a alteration in enzyme levels or activities b alteration in blood flow c alteration in plasma albumin and hence binding.

Decreased ability to form glucuronides may also occur in Gilbert's disease and the Crigler-Najjer syndrome. In these genetic disorders, glucuronyl transferase is reduced and consequently bilirubin conjugation may be affected when drugs which are also conjugated with glucuronic acid are administered.

Renal disease is another important factor, particularly if renal excretion is the major route of elimination for the pharmacologically or toxicologically active compound. This may be particularly important with drugs showing a low therapeutic ratio, such as digoxin and the aminoglycoside antibiotics. As already mentioned, plasma protein binding may be affected in renal disease, such binding being reduced particularly with regard to organic acids. Increased toxicity of drugs undergoing significant metabolism, such as chloramphenicol, has been found in uraemic patients. The half-lives of a number of drugs are prolonged in renal failure, although this effect is variable and by no means the general rule, different drugs being differently affected.

Chronic renal disease may also affect metabolism, not necessarily because of impaired metabolism in the kidney, but because of an indirect effect of renal failure on liver metabolism. For example, in animals with renal failure it was observed that there was a decrease in hepatic cytochromes P-450 content, and consequently zoxazolamine paralysis time and ketamine narcosis time were prolonged. Cardiac failure may also affect metabolism by altering hepatic blood flow. However even after heart attack without hypotension or cardiac failure, metabolism may be affected. For example, the plasma clearance of lidocaine is reduced in this situation. Other diseases such as those which affect hormone levels: hyper- or hypo-thyroidism, lack of or excess growth hormone, and diabetes can alter the metabolism of foreign compounds.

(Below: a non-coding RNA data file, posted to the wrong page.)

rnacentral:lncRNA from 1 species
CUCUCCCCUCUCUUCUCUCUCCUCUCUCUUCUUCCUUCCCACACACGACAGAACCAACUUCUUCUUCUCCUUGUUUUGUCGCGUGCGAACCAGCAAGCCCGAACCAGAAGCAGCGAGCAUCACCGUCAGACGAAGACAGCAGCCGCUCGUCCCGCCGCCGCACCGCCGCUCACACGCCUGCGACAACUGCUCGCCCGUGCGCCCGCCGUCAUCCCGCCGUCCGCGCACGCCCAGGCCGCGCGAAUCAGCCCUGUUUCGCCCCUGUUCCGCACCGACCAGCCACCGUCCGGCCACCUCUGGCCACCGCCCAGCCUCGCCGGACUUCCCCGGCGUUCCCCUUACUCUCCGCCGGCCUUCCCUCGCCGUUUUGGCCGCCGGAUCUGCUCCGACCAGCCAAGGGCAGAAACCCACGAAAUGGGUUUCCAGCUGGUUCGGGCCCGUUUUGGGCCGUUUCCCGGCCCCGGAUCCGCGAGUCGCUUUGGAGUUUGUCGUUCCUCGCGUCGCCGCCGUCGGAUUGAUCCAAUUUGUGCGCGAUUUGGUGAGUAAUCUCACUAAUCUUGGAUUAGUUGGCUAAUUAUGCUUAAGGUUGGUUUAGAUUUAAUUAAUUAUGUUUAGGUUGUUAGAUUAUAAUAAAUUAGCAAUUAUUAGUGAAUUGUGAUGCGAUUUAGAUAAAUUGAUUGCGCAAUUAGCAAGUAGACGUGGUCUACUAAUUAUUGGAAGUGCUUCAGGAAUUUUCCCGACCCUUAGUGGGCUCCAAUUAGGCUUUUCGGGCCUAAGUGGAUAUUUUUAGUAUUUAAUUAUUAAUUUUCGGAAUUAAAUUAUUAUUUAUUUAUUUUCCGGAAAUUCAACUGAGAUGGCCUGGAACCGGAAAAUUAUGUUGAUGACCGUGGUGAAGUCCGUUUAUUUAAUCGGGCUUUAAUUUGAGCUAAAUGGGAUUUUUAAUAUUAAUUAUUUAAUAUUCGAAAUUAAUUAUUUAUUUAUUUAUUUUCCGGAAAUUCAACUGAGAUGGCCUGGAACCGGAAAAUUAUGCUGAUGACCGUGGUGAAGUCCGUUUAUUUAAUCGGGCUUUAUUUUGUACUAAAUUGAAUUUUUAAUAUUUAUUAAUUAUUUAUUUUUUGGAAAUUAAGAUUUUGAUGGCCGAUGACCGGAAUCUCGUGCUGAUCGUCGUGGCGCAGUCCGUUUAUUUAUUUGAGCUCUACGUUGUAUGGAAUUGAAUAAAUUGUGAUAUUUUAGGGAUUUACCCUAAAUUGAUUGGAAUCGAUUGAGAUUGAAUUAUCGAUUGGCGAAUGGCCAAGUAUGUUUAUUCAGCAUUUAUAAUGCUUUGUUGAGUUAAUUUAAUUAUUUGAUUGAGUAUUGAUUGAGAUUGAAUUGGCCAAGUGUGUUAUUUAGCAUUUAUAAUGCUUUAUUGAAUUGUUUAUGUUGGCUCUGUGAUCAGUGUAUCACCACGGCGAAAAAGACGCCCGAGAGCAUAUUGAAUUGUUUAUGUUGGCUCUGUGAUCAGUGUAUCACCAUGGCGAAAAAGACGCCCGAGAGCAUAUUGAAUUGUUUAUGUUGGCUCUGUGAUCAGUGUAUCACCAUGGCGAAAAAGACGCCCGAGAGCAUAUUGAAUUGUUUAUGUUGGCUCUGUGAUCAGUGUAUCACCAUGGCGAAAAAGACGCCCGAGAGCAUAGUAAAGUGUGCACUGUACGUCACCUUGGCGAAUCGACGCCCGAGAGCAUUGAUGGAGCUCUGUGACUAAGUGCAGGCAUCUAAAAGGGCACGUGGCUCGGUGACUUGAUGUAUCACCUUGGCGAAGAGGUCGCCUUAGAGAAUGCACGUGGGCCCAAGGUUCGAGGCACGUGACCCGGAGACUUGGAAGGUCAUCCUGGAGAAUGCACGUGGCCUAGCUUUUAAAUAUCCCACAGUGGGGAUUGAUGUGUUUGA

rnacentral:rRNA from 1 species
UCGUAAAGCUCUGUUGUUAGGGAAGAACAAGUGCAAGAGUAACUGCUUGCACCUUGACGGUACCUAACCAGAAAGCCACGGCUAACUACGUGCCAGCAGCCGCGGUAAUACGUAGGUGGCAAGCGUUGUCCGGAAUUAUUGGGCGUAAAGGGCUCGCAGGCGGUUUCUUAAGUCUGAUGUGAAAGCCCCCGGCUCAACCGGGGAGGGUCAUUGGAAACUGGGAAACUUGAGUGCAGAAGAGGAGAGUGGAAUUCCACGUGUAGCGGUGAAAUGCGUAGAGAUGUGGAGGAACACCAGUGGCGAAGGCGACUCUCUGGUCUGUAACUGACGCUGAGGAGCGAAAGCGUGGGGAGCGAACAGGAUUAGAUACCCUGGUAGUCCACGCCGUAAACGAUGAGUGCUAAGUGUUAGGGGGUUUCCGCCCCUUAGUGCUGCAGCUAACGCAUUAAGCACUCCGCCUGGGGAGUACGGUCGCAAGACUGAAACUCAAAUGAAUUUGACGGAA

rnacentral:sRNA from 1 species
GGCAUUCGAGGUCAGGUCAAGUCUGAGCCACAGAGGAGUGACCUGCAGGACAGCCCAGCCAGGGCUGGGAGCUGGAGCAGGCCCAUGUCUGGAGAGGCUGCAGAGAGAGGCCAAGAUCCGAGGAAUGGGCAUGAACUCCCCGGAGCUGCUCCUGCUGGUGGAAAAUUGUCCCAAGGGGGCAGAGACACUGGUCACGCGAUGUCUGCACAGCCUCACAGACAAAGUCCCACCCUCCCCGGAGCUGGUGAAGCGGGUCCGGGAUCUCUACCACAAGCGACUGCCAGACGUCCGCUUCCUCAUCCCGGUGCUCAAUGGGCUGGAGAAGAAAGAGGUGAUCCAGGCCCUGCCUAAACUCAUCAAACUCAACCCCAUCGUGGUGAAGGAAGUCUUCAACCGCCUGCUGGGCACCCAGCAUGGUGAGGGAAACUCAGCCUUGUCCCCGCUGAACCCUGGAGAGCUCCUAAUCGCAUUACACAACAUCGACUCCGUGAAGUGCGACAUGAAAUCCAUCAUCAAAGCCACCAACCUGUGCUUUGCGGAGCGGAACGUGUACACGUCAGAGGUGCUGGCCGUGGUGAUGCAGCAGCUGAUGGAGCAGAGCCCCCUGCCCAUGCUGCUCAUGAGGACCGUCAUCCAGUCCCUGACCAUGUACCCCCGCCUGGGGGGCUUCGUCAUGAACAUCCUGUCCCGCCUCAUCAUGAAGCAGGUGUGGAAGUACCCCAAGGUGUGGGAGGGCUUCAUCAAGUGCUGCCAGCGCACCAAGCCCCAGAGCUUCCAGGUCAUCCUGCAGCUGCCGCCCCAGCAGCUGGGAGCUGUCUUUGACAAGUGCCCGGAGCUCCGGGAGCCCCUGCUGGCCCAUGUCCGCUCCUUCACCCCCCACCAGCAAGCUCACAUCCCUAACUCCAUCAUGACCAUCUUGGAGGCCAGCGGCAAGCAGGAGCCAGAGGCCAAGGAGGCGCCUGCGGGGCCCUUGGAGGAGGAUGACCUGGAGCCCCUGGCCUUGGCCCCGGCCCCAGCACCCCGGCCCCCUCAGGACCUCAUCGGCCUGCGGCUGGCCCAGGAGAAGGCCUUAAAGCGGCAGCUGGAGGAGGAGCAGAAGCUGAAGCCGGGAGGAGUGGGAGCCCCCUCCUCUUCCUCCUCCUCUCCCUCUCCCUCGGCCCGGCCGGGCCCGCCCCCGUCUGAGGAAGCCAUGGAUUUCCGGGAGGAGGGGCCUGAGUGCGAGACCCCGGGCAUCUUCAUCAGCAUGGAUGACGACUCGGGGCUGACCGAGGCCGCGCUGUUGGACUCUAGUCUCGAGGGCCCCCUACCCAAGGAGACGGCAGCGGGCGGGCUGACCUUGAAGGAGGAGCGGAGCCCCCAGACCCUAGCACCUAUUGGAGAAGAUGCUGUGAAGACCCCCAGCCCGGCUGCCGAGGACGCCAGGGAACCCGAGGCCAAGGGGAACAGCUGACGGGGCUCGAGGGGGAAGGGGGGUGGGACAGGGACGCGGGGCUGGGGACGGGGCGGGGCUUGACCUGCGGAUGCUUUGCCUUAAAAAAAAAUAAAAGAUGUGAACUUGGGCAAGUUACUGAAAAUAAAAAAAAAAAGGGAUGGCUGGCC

Infectious diseases may also affect metabolism, partially by increasing levels of the endogenous compound interferon which will inhibit some metabolic pathways.

The disposition or localization, and in some cases metabolism, of foreign compounds may be dependent upon the characteristics of a particular tissue or organ which may in turn affect the toxicity. There are many examples of organotropy in toxicology, but the mechanisms underlying such organ-specific toxic effects are often unknown.